“Better Ingredients, Better Pay?” – Federal Court Provides Guidance on FLSA Compliance and Reimbursement of Expenses for Pizza Delivery Drivers

Executive Summary: On November 5, 2019, a federal district court in Ohio issued a decision clarifying the law governing whether owners of 73 Papa John’s franchised locations violated the Fair Labor Standards Act (FLSA) by failing to adequately reimburse their delivery drivers for expenses incurred in using their own vehicles to complete deliveries. In deferring to the Department of Labor (DOL) Field Operations Handbook, the court held that where employees are paid at or close to minimum wage and they use their own vehicles to make deliveries, the proper measure of minimum wage compliance for pizza delivery drivers is to either (1) track and pay delivery drivers’ actual expenses incurred or (2) pay the mileage reimbursement rate set by the Internal Revenue Service (IRS). See Hatmaker v. PJ Ohio, LLC, 2019 U.S. Dist. LEXIS 191790 (S.D. Ohio Nov. 5, 2019). Continue reading

DOL Attempts to End Confusion Regarding Bonuses and the Use of the Fluctuating Workweek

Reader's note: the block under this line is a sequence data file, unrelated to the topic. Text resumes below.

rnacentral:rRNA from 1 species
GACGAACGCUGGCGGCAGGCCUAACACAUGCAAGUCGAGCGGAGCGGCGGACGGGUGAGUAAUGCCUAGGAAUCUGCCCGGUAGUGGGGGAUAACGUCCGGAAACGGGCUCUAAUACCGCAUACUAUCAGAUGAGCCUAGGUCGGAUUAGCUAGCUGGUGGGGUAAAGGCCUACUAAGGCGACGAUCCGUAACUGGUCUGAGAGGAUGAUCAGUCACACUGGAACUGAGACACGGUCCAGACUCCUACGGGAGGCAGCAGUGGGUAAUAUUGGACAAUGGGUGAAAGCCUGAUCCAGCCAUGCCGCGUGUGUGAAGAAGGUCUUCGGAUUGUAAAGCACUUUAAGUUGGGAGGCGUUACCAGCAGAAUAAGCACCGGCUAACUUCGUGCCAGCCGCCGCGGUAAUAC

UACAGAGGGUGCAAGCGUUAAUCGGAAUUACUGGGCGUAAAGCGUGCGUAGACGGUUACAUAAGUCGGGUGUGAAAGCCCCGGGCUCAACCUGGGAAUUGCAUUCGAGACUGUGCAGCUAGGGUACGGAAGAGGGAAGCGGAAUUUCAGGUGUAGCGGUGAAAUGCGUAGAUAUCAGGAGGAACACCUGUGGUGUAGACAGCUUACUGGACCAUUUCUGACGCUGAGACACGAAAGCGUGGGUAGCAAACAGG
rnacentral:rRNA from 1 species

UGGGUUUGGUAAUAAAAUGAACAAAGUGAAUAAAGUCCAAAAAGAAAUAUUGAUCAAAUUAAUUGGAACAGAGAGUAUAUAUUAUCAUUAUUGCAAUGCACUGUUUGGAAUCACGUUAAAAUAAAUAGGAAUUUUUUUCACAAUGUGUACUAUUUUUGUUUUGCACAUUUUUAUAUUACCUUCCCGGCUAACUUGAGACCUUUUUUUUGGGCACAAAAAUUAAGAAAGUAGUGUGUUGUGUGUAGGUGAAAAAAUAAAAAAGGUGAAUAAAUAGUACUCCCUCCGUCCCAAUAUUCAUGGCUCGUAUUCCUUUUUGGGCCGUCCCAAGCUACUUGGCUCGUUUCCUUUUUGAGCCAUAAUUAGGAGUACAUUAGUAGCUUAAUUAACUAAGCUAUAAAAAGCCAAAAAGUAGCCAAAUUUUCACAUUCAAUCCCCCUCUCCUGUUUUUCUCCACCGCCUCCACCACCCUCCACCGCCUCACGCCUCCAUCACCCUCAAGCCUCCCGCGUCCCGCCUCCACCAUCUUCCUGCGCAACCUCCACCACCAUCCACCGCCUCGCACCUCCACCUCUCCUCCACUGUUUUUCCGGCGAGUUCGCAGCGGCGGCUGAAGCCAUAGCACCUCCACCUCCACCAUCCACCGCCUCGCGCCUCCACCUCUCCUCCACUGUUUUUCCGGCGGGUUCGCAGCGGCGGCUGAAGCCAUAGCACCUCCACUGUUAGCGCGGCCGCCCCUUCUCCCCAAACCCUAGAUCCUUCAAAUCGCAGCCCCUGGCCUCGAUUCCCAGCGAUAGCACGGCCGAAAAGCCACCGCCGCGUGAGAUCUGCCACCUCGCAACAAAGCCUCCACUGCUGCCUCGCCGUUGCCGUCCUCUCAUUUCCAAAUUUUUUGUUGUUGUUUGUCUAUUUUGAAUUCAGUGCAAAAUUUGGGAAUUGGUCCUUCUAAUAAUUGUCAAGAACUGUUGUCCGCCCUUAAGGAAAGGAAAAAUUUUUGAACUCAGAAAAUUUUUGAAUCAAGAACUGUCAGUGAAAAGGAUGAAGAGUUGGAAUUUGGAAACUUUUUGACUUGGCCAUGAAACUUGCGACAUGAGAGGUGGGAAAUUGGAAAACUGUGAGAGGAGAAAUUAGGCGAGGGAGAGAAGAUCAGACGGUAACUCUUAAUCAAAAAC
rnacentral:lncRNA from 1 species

Background: The US Department of Labor’s Wage and Hour Division (DOL) is attempting to provide clarity and predictability to one of the most confusing areas of wage and hour law – the fluctuating workweek. The Fair Labor Standards Act (FLSA) requires employers to pay non-exempt employees time and a half their regular rate of pay for hours worked over forty in each week. However, if certain conditions are met, the DOL allows employers to pay “a fixed salary for fluctuating hours” and overtime at a half-time rate. See 20 CFR 778.114. The general requirements for utilizing the fluctuating workweek method are: 1) an agreement with the employee to pay “a fixed amount” each week regardless of the hours worked, 2) that the employee’s hours fluctuate week to week, 3) that the fixed amount will be greater than the minimum wage for all hours worked in any given week and 4) the overtime rate is equal to half of “the amount of the salary” divided by the total hours worked in a week. The definition of the terms “fixed amount” and “amount of salary” within the regulation has led to disagreement among courts, and arguably the DOL itself, on whether any additional compensation would negate an employer’s ability to use this method of overtime computation. Where some courts have disallowed all bonuses and additional compensation, other courts attempt to resolve this by creating a dichotomy between “productivity based” (for example commissions) bonuses and “hours based” (for example night shift differential) bonuses, finding that only productivity bonuses are compatible with the fluctuating workweek method of compensation. However, there are bonuses (such as for retention, safety and referral) that do not fall neatly into either category. This confusion regarding additional compensation has dissuaded employers from utilizing this method of overtime compensation or not paying any supplemental compensation other than a fixed weekly amount. The DOL’s new proposed rule attempts to address this confusion. Continue reading